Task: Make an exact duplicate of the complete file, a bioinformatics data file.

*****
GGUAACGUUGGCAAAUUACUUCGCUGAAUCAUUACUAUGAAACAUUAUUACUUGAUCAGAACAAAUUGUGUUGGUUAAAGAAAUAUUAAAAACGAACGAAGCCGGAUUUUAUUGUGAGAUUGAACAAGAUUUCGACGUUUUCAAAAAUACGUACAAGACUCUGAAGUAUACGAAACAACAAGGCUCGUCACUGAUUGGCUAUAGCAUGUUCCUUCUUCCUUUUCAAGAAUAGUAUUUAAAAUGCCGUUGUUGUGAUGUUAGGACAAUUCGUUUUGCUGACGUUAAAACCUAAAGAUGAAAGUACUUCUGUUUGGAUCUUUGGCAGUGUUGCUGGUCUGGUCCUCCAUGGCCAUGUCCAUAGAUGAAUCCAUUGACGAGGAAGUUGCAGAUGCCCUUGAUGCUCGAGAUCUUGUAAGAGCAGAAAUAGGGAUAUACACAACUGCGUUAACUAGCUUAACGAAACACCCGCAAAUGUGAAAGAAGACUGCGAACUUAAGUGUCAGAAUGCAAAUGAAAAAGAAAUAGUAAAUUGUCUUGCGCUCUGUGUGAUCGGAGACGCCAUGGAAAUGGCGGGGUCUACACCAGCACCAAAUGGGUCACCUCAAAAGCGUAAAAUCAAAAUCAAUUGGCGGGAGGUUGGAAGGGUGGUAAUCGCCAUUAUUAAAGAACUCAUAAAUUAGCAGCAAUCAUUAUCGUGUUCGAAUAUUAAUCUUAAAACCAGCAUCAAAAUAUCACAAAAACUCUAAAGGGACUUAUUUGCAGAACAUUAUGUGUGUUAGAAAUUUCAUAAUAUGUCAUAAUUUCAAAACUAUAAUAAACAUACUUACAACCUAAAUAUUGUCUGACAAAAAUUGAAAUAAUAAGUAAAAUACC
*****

GGUAACGUUGGCAAAUUACUUCGCUGAAUCAUUACUAUGAAACAUUAUUACUUGAUCAGAACAAAUUGUGUUGGUUAAAGAAAUAUUAAAAACGAACGAAGCCGGAUUUUAUUGUGAGAUUGAACAAGAUUUCGACGUUUUCAAAAAUACGUACAAGACUCUGAAGUAUACGAAACAACAAGGCUCGUCACUGAUUGGCUAUAGCAUGUUCCUUCUUCCUUUUCAAGAAUAGUAUUUAAAAUGCCGUUGUUGUGAUGUUAGGACAAUUCGUUUUGCUGACGUUAAAACCUAAAGAUGAAAGUACUUCUGUUUGGAUCUUUGGCAGUGUUGCUGGUCUGGUCCUCCAUGGCCAUGUCCAUAGAUGAAUCCAUUGACGAGGAAGUUGCAGAUGCCCUUGAUGCUCGAGAUCUUGUAAGAGCAGAAAUAGGGAUAUACACAACUGCGUUAACUAGCUUAACGAAACACCCGCAAAUGUGAAAGAAGACUGCGAACUUAAGUGUCAGAAUGCAAAUGAAAAAGAAAUAGUAAAUUGUCUUGCGCUCUGUGUGAUCGGAGACGCCAUGGAAAUGGCGGGGUCUACACCAGCACCAAAUGGGUCACCUCAAAAGCGUAAAAUCAAAAUCAAUUGGCGGGAGGUUGGAAGGGUGGUAAUCGCCAUUAUUAAAGAACUCAUAAAUUAGCAGCAAUCAUUAUCGUGUUCGAAUAUUAAUCUUAAAACCAGCAUCAAAAUAUCACAAAAACUCUAAAGGGACUUAUUUGCAGAACAUUAUGUGUGUUAGAAAUUUCAUAAUAUGUCAUAAUUUCAAAACUAUAAUAAACAUACUUACAACCUAAAUAUUGUCUGACAAAAAUUGAAAUAAUAAGUAAAAUACC